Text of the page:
AF: In Spain the CNMV does not have the power to evaluate the degree of truth in a listed company’s balance sheet. What is the situation in other markets?
DW: In general, I’m not convinced that non-binding codes have succeeded. And I am not talking about Spain, I am talking in general. The arguments in favour of these codes are that cultures are different and company’s are different etc etc. Well, if someone can convince me that applying these codes in not just a good thing, but also provides a good economic incentive-then I will be happier. But I would be even happier if I knew that people who abused their positions in firms whatever they are would be liable to go to jail if the offence was serious enough. You see, if you are a young person joining a financial firm today, let’s take a financial firm.
AF: What should be the role of the supervisor?
A: Well supervisors have got to supervise. I think some of the rules have to be binding, because the costs for society are too high. You see, we are not defending firms, we are defending the public interest.
AF: But when you have institutions that do not have binding power, what purpose do they serve?
DW: Well they have to have the powers to sanction. There is always this problem in many countries. There is a difference between civil sanctions and penal sanctions. Often, going to the penal courts is very difficult. The balance of evidence is extremely difficult to establish. In the US, in a civil case, you need the balance of evidence on your side. In Europe, the benchmarks tend to be much higher, which I’m not sure is a good thing. Maybe for penal commissions you need a more persuasive set of arguments. But what I am talking about is getting the incentives right. I think that there are never going to be enough supervisors, so the supervisors are going to have to concentrate on where they think the biggest failures in the system are. They can’t do everything.
The CMNV will not have the resources to carry out all its functions. They have to prioritise. In anything you do in life you have prioritise and one thing that helps in your prioritisation is if you have good databases. Today, the global regulators do not have good databases. Dr Spock has just died. On the Starship Enterprise he had a wonderful set of controls. We don’t have that for the financial system. We don’t have someone sitting in front of a screen like they have for transport flows around Madrid, or the rail network. We don’t having someone seeing the stocks and flow of how the system functions. We don’t have that. It’s really quite extraordinary, really quite extraordinary. So what I am saying is: Regulators have got to a much better job at understanding, measuring, valuing, thinking hard about where the dangers are, where these risks are. And these risks are changing-every day they change. Cyber crime is a good example. Nobody talked about cyber crime a few years ago-not even on their radar screen. Can you imagine the damage that could be sewn on to the global financial system if the payments infrastructure broke down. These risks are changing. One of my first meetings in IOSCO was in Buenos Aires, and we discussed risk, and some of the delegations from the West Indies were talking about the concerns the had about retail Forex trading. Well low and behold, a few days later when they took the cap off the Swiss franc and it appreciated by 20% overnight, an awful lot of lot of retail Forex traders just went belly-up, and an awful lot of people lost an awful lot of money. So, understanding these risks, we in IOSCO spend an awful lot of our time thinking and discussing these risks and thinking about these risks, and how they proliferate from one market to another. Very really important this. Really, you can’t do enough of this-sharing experiences.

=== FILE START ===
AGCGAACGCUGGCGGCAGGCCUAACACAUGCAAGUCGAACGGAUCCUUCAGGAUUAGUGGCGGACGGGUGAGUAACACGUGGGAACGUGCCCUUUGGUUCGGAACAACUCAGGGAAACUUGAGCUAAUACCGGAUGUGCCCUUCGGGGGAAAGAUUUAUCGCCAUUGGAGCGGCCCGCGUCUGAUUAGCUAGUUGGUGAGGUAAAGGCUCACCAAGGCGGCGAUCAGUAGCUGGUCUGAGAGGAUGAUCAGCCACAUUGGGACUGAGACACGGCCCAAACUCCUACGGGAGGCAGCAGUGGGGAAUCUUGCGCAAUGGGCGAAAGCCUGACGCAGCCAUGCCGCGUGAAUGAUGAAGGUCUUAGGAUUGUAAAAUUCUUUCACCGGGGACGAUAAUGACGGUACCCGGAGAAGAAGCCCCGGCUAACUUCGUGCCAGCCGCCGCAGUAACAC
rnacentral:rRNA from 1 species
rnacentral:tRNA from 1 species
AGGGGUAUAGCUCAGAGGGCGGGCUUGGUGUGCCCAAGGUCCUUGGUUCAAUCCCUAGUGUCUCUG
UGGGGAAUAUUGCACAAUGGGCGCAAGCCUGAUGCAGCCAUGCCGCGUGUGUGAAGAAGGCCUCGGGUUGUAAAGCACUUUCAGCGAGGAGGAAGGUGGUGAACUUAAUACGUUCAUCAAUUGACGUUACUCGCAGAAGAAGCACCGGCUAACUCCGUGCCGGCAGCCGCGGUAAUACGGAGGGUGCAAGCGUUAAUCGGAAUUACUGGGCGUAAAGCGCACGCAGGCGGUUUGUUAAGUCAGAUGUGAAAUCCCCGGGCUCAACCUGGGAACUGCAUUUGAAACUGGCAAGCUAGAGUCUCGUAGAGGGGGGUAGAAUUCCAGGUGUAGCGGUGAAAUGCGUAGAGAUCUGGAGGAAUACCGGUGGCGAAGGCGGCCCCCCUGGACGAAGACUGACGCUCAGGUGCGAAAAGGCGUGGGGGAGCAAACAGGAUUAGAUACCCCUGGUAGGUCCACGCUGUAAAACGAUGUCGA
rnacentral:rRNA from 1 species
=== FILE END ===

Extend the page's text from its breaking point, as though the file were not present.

AF: I am curious about your take on the Swiss oversight audit system: banks payed the regulator and the regulator was the one choosing and paying the auditing firms. The auditing company had in some way to report to the State. What do you think of this system no longer in force?
DW: What we have got is a system here which, we have an auditing system which has got fundamental conflicts at the heart of it. You said that. So me the firm, I pay the auditors, okay? That’s a conflict of interest. An even bigger conflict of interest is if my auditors are doing non-audit work for me. The Netherlands has now banned auditors from doing non audit work for the same firm. We have got another set of conflicts here, which is that the standards for auditing, are drawing up by who? Auditors. Not by credit rating agencies or public authorities, but by auditors. This is the reason that at IOSCO we are concerned about audit quality, we are now working at looking at how we can strengthen the global oversight of the audit profession.
We are looking at the role of audit committees to see if they can be strengthened, and we are looking at how the standard function works with so-called IFAC, which is three standard setting bodies, but the majority of people on those standard setting bodies are auditors. I don’t find it comfortable that the audit profession still has a very strong role, if not the decisive role in setting its own standards. I don’t think that’s right. And I think most people think its got to change, the question is how you change it.
*You can check the first part of this interview here.